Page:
by Robert C. Koehler
“Chief Drake said it was too early to discuss a possible motive for the shooting, though he confirmed that the attack was targeted. The authorities were reviewing writings, and had made contact with the shooter’s father. . . .”
Yeah, they’ll figure it out.
The latest mass shooting: Six people dead, including three 9-year-old children, at the Covenant School in Nashville, Tennessee. The alleged shooter, age 28 – a former student at Covenant – stomped into the school on March 27 carrying (God bless America) two semi-automatic rifles and a handgun. He/she, apparently transgender, was eventually shot dead by police.
In other news . . .
Excuse me. Let’s sit with the insanity for a moment, shall we? This isn’t a reality TV show. And the killer’s “motive”? Somehow that matters? Will a precise analysis let the authorities stop the next similarly motivated individual before he opens fire? I fear, oh so deeply, that that’s not even the point. Mass murder is simply part of the Great American Shrug. We’re an exceptional nation, the world’s greatest democracy and greatest hope, and the darn killings . . . well, nobody’s perfect. And after all, it’s not guns that kill people, People – especially if they’re mentally ill – kill people.
But as I sit with this latest horror – according to the Gun Violence Archive, there have been 130 mass shootings in the United States so far this year (defined as at least four people being killed or injured) – I can only do one thing: Stretch the outrage.
Stretch it beyond Covenant School. Stretch it beyond Nashville. Beyond assault weapons. Beyond politics. There’s a deep interplay with hell in the American social structure; in the global social structure. Gun control, however sensible and sane, won’t transcend it. Mass murder emerges from an unexamined, unaddressed dark spot in the collective human consciousness. It can be described in one word: dehumanization.
This is not simply a loner’s psychological flaw: the denial of full, or any, humanity – any spiritual value – to chosen others. It’s a phenomenon embedded in the social norm. We have enemies. We need them. We kill them.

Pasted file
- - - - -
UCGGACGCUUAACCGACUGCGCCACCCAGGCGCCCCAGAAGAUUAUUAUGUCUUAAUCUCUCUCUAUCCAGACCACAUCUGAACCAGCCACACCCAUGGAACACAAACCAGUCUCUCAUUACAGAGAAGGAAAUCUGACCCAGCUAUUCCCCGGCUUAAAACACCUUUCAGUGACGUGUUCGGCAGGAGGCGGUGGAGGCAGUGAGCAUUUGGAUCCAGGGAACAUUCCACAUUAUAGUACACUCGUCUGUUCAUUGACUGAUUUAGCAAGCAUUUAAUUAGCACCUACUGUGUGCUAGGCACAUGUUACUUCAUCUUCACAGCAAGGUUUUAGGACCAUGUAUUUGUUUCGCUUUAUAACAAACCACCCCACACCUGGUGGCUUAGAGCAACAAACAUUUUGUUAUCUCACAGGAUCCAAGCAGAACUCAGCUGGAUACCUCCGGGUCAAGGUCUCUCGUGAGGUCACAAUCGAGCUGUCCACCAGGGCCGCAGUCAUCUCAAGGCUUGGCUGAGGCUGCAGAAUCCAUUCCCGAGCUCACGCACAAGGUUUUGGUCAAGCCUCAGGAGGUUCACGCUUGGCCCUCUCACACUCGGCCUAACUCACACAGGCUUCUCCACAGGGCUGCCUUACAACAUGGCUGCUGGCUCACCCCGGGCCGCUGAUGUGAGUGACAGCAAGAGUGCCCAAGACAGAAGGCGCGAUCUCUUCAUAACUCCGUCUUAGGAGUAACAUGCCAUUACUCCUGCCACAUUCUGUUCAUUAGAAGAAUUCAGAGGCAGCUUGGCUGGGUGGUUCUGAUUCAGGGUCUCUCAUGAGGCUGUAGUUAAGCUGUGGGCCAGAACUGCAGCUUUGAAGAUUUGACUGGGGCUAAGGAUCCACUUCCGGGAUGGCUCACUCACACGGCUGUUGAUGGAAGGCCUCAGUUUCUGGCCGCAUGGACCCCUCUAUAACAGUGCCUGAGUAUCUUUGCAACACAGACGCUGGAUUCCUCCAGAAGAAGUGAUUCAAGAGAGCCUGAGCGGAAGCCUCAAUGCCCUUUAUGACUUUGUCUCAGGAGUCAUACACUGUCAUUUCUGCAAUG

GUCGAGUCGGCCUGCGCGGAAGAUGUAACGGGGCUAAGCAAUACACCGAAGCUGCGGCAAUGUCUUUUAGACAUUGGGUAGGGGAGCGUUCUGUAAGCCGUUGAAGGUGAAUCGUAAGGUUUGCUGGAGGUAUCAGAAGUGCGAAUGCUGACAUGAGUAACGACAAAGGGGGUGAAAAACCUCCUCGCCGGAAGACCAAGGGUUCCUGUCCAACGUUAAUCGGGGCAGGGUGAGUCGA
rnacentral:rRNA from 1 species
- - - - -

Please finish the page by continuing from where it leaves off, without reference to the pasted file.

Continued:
We go to war!
“Wearing camouflage pants, a black vest and a backward red baseball cap, the assailant walks through rooms and hallways with a weapon drawn.”
The killer, whatever his specific “motive,” was playing war. He had, in his mind and heart, dehumanized the occupants of Covenant School. This is the game the nations of the world – in particular, “USA! USA!” – play with one another on a regular basis. Mass shootings? They’re everywhere. When we (the good guys with guns) wage war, we have no choice. When noncombatants – let’s say, oh, a bunch of nine-year-old children – die, they magically morph into collateral damage.
The phenomenon of war is collectively glorified. Its horrific consequences are either justified or ignored, unless the enemy does it. And it so happened, as I was absorbing the news about the Nashville shooting, this was also in the news:
“Russian President Vladimir Putin,” according to the Associated Press, “announced plans on Saturday to station tactical nuclear weapons in neighboring Belarus, a warning to the West as it steps up military support for Ukraine.
“Putin said the move was triggered by Britain’s decision this past week to provide Ukraine with armor-piercing rounds containing depleted uranium.”
Tactical nukes! The King of Evil has clicked the doomsday clock several notches forward. A world on the brink of nuclear war? There’s no context the media can put this in, though it tosses in Putin’s justification for playing nuclear brinksmanship: the Brits are giving Ukraine armor-piercing weaponry. While of course this doesn’t justify Putin’s madness, let’s be clear: Both sides are insane. Dehumanization creates nothing but more of the same.
Depleted uranium, stronger than steel, is dirty as hell. The U.S. used it in Iraq, with, of course, zero accountability. In its two catastrophic invasions of Fallujah in 2004, for instance, the use of DU and white phosphorous left an aftermath of cancer and birth defects of virtually unimaginable magnitude. For instance, cancer cases in Iraq rose from an average of 40 per 100,000 people in 1991, to 1,600 per 100,000 people by 2005, according to Al-Jazeera.
And, my God: “Doctors in Fallujah are continuing to witness the aforementioned steep rise in severe congenital birth defects, including children being born with two heads, children born with only one eye, multiple tumors, disfiguring facial and body deformities, and complex nervous system problems.
“. . . many families are too scared to have children, as an alarming number of women are experiencing consecutive miscarriages and deaths with critically deformed and ill newborns.”
Dehumanization makes so much possible! A lonely, troubled soul committing a mass murder is just the least of it. I don’t know about you, but I see a direct link between such acts and the wars that nations wage against each other, generating consequences – actual and potential – a million, perhaps a billion, times the costs borne this week at Covenant School.
Robert Koehler (email@example.com), syndicated by PeaceVoice, is a Chicago award-winning journalist and editor. He is the author of Courage Grows Strong at the Wound.
Published: Knoxville Daily Sun, Common Dreams, My Journal Courier, Global Research, Black Star News, Lake County Record Bee, Free Press, Augusta Free Press, Z Network, Radio Free, Common Wonders